At what level will these be stable? It's hard to know, and will vary according to precipitation and inflow from surrounding rivers. This may be pretty small at first, since the Big Slurp causes the air pressure to drop and the climate to grow colder. But over time, as the seas fall, the air will grow thicker again. If the water level drops enough, air pressure will rise past 1 atmosphere, and the denser air will trap heat.
The result is probably, on average, deep sea-basins with milder temperatures than our Arctic, surrounded by substantial ice-capped highlands. Both hotter and colder at once! The shallower basins will feel polar, even Antarctic; but the deepest basins will feel Scandinavian or Canadian, not Arctic.
Rain? While our polar region is generally dry, these deep basins with their denser air, warmer temperatures and unfrozen surface water will generate more rain. Coasts will be fertile tundra, not barrens; coasts of the lowest basins may even have boreal forests. Trees at the Pole, for the first time in fifty million years!
The details are still in progress, as you can see from the tentative close-up map of the Arctic basins, below.
Note the strange rift valley forming a long isthmus between the Fram and Nansen Seas. It's called Nansen Ridge on most maps, Gakkel Ridge on some recent ones; but either name's deceptively oversimple. Twin ridges flank a valley so deep it'll be flooded most of its length. Indeed some of its low points are 5 km below our sea level, about the lowest points in the Arctic; they'll be deep water no matter how far Siphonia's seas subside. But a chain of freshwater lakes like our Lake Baikal, or one long narrow sea, or sounds flooded by the Fram or Nansen Seas? I don't know; possibly all of them in different stretches. On NOAA maps the region looks very rugged and confused, with side-holes and cones--volcanoes? It resembles East Africa's rift valleys, or Venus's chasmas, and both of those sport lots of associated vulcanism.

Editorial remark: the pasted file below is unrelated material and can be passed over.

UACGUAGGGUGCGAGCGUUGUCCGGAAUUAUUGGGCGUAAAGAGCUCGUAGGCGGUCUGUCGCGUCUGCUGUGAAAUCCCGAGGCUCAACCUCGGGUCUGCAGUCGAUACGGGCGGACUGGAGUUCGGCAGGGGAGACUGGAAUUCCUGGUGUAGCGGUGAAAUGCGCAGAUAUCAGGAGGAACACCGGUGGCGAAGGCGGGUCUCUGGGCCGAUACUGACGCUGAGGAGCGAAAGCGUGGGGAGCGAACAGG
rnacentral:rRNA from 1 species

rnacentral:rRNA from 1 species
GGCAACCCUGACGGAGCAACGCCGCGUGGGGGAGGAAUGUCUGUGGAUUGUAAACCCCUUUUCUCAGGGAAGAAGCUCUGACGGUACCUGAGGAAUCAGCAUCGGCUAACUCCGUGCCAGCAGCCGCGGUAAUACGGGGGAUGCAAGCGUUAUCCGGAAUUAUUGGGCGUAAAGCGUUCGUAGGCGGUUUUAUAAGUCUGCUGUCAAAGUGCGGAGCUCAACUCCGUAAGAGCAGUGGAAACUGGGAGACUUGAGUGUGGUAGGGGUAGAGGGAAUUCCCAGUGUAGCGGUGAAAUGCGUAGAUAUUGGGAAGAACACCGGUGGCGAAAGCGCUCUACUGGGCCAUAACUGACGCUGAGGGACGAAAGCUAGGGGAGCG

The Nansen or Gakkel Isthmus, surrounded by seas, will be the rainiest place in the north, and volcanic ash will build its soils. I expect rich boreal forests, berry-bogs, and meadows on the heights--a new Alaska, really. But this far north, the seasons will be strange indeed: half a year of perpetual light, half of darkness.
The Makarov Basin, also snuggled up against the North Pole, and more isolated behind the rugged Lomonosov Range, is probably deeper. The rivers feeding this basin are much smaller, proportionate to its size, than the Fram or Nansen Seas, fed by the huge Lena and Ob' Rivers. So the Makarov Sea may lie more than three km below our Arctic. The dense air at this depth will keep the Makarov shores warmer on average than the Fram and Nansen basins, but more continental, with harsher winters--Siberian. Trees? I'm not sure. But I think so--right at the pole!
The last basin, and the largest, is shallower again, 2.5 to 3 km deep; the mighty Mackenzie and the Passage River (draining the old Northwest Passage and much of former Nunavut) feed the Beaufort Sea and keep it from shrinking further. The land is like northern Alaska, with large trees only in sheltered spots along the southern coast (top of map; remember you've passed the pole now). Sweeping arctic meadows, braided silty rivers and craggy mountains--not heavily glaciated, for this basin too has strong temperature swings that tend to melt snowpacks by late summer, though only briefly. The rugged Northwind and Chukchi Valleys are spectacular, but time your trip carefully to avoid the bugs.
In late summer we climb south out of the Arctic Basin over icy Bering Pass to the Pacific Basin--more exactly the Bering Basin, a cool but solidly forested lowland north of the towering Aleutian Range. As you descend from the tundra's immense vistas into those claustrophobic forests, you don't care what the map says about your latitude--you've left the Arctic.
You crossed the pole--eating berries all the way.
I did warn you Siphonia was strange.